What’s in a Name?—A Primer on Plant Taxonomy
Illustration by Marshall Hopkins
Plant names change. It's something I never considered before I started working in a botanical publications department. But it's a pervasive pitfall in writing about plants, and garden writers need to watch where they step.
Take this issue of P&G as an example. We spotlight the umbel family, which is sometimes called Umbelliferae and other times Apiaceae. Which is the correct name? Both, it turns out: This is one of eight plant families for which synonymous names are allowed.
Where Do Plant Names Come From?
Many plants received their scientific names in the mid-18th century, when Swedish naturalist Carolus Linnaeus set out to catalog all the plants then known. His flora, published as Species Plantarum in 1753, named close to 8,000 plant species and marked the beginning of modern botanic nomenclature.
Prior to Linnaeus, plant names were usually long and unwieldy Latin descriptions of a plant's character known as differentiae specificae. Linnaeus organized his flora by genus, streamlined differentiae to what he considered the most essential terms, and designated a nomen triviale, a single-word descriptor (or epithet) unique within the genus, for every single taxon of plant. Together, the genus name and epithet formed a unique, binomial species name. This simple and elegant convention of binomial nomenclature caught on rapidly and became the accepted form of naming species throughout the world.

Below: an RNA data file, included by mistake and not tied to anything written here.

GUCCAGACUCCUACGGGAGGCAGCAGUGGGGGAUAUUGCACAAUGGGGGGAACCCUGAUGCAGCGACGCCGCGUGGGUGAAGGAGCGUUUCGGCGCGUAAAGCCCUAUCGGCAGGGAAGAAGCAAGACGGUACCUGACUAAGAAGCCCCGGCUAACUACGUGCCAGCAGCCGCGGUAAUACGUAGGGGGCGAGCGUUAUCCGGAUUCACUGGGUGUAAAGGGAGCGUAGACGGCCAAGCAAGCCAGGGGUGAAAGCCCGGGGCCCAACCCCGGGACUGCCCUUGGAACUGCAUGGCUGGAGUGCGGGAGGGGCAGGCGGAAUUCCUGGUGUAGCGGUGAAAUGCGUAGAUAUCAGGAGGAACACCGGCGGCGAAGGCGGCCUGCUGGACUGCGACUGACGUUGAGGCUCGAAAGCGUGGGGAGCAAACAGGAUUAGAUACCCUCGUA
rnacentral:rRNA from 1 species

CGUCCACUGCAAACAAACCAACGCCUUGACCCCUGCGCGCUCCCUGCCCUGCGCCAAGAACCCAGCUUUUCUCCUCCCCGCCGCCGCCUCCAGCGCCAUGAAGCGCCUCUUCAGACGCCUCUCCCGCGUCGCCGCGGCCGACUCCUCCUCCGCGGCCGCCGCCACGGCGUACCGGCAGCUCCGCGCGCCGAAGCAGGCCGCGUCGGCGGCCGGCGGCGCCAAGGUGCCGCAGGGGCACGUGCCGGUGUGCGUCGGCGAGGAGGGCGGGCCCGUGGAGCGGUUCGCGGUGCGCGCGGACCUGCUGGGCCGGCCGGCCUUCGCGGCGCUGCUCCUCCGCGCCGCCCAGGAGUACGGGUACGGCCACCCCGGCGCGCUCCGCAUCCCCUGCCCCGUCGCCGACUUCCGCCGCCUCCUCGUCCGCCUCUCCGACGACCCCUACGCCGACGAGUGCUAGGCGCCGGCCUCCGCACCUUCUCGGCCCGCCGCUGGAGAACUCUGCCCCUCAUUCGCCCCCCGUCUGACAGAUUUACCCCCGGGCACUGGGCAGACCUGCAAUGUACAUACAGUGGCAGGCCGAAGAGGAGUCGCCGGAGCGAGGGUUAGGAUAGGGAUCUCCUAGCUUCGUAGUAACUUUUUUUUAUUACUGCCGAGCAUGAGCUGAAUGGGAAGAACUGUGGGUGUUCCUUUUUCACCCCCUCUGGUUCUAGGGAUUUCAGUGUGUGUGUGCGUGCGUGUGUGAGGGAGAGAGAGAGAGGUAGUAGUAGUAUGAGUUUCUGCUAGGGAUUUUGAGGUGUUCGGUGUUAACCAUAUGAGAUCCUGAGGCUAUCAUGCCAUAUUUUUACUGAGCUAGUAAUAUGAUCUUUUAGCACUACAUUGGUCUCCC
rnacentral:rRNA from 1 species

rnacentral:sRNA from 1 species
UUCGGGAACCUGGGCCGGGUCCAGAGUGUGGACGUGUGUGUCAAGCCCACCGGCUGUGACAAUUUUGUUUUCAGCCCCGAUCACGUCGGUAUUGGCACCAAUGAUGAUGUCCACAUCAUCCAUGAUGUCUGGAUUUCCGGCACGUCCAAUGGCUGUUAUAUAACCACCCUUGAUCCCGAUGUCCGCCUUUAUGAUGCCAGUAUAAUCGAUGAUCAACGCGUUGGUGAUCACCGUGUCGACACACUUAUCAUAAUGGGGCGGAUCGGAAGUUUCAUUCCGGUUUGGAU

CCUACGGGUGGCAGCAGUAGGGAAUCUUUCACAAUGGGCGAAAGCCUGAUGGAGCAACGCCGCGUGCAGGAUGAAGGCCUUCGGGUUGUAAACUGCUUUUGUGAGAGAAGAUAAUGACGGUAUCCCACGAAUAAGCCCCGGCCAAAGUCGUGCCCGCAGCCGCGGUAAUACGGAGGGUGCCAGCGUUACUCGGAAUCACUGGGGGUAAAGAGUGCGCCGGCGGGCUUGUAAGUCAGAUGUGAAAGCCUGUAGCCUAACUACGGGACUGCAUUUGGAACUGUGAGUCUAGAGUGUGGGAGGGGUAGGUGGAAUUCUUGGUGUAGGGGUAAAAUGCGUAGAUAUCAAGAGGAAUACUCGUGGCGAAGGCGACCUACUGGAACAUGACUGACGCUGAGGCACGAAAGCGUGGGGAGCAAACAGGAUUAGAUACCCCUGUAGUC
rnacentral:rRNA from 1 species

Over the next century various natural history and scientific societies debated ways to further standardize the naming of taxa. In 1867 the Swiss botanist Alphonse de Candolle published the first international rules of botanical nomenclature, which gave rise to today's International Code of Botanical Nomenclature (ICBN), now in its 13th edition. (There are separate codes governing the naming of cultivars, animals, bacteria, and viruses, each with the goal of assigning each taxon one valid name that is accepted worldwide.)
The ICBN is not a list of plant names, but rather a clarification of the rules and recommendations by which names are assigned, with an appended list of exceptions to these rules. Every six years at an International Botanical Congress (IBC), about 300 botanists and taxonomists convene to hash out proposals for amendments to the rules and argue about plant names.
You might think of scientists as mild mannered, and those who choose to study flora as likely to be calmer than, say, nuclear physicists. But things can get pretty heated when botanists gather to talk about plants—particularly when names are at stake.
What's Your Type?